Guilds of Ravnica – Playing To Your Weaknesses: White

NOTE: “Playing to your Weaknesses” is a series of articles I have been doing on my own blog since Avacyn Restored that cover all of the uncommons and commons in a new expansion and which ones I would choose to use as one of the 23 cards in a 40 card limited deck. For those of you uninitiated to limited, it simply means sealed and booster draft, where you open packs and then proceed to make a deck out of them. I’ve purposely left out the rare cards because it is much more likely that you’ll see multiples of uncommon and commons in your packs/pools.)

As for my rating system, after a lot of feedback I’ve decided to abandon my 3 tier scoring system of Low-Medium-High and I will instead be moving onto a 5 star ranking system. For the most part, I will focus mainly on cards from 2.5 to 5 stars in my article. The system is as follows:

  • 1 star = a card that is barely playable, even as filler for your deck
  • 2 stars = this card could be a strong sideboard card, but is highly conditional and not always effective. Example: A creature that fills the curve, a spell that destroys an artifact. Probably filler to finish up your limited deck or needs synergy to be playable.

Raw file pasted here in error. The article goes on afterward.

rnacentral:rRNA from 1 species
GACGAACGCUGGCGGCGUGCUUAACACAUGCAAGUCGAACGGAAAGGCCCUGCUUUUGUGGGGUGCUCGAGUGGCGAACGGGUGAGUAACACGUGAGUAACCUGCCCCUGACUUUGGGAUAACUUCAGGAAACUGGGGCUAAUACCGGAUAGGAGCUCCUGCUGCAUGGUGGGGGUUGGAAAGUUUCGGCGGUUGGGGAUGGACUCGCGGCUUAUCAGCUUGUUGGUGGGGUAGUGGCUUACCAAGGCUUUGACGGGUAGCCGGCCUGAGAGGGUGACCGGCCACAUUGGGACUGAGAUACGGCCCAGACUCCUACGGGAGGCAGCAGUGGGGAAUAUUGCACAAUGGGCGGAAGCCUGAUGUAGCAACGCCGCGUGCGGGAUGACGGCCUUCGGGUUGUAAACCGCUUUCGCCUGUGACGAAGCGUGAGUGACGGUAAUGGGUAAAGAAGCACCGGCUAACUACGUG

• 3 stars = a 3 star card is a solid role-player. These cards could be less than amazing removal effects, or a creature that is a glass cannon (high power, low defense). They could be good except for a few flaws. Example: A creature with a good ETB effect or decent activated ability. A spell that has a great effect but costs too much or has a big drawback. A good 2nd to 5th pick in draft.
  • 4 stars = Here’s where we get into the powerhouses. 4 Stars could be good finishers, or cards that can end a game if left unchecked. They also have multiple effects, and are all around good value for you. The only thing holding them back is restrictive costs or some small drawback. Example: A creature that will win the game on its own if left unchecked and wins head to head battles often. A spell that has multiple effects or creates a huge swing in tempo. Usually a first pick in draft.
  • 5 stars = you won’t see a lot of these at common and uncommon. These will usually be your rares and mythics because they are incredibly bonkers. Planeswalkers, massive creatures, etc., these are the cards you could build a deck around. Example: A creature that is almost impossible to due to special abilities or recursion. A spell that wipes the board or gives you massive card advantage. “Windmill slam” first pick in limited.